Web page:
Not only is their insight going to be valuable for peers in the industry.
It’s a different way to build a relationship with them beyond your ‘typical” business development techniques.
I know that getting “in” with TA takes time – so look at this industry report as a way to create a community and give back to your market.
Hiring ratios and statistics (great for clients)
This is when you can subtly sell yourself as well as the wider organisation.
What are your current hiring ratios within the team?
What issues are you seeing, and what solutions are you proposing?
What typical solutions are clients going for, and what has the outcome been?
This is a huge educational piece for clients.
If they can see that the majority are now hiring contractors, then it may encourage them to rethink contract resources.
Equally, if they can see the interview-to-placement ratio across retainer or retainer-lite projects, it gives them something tangible to work towards.
New technology and systems and what this means
This section will be very dependent on your industry and whether tech and systems vastly impact how you recruit.
For example, let’s say you operate within the developer space – is there a new coding language that is in demand? Are there new systems that are attracting candidates to one business over another?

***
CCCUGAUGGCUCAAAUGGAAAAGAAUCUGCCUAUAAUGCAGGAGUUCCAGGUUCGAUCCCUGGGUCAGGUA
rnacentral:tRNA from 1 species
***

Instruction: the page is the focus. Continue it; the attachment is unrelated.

This enables you to become a true consultant.
You’re looking beyond the candidate>placement routine you’re used to, and instead, you’re becoming a voice for your market and a voice for your community.
TIP: Gather qualitative data for this as well as numerical data.
Qualitative – long form. Tangible answers.
Do your research, and if there’s a lot of numerical data leaning toward something.
What can you find online to back this up?
Can any of your survey participants offer quotes?
Can you talk about the pros and cons?
Current affairs – how this affects your market and predictions
There will be larger current affairs (such as the war in Ukraine) that will affect all markets and industries.
However, there will be micro-current affairs within your market that will affect hiring as well as a number of other things.
For example, mass lay-offs from a specific organisation.
How did that affect things? Or, if you recruit within a specific geography or location, what local changes can affect your market?
Again, you want to be as consultative as possible and offer solutions.
What have you seen, and what are your predictions?
M&A’s, companies going public, mass lay-offs, and big organisational changes are just some of the things that could fall into this category.
You don’t want this section to become an echo chamber of what is already online.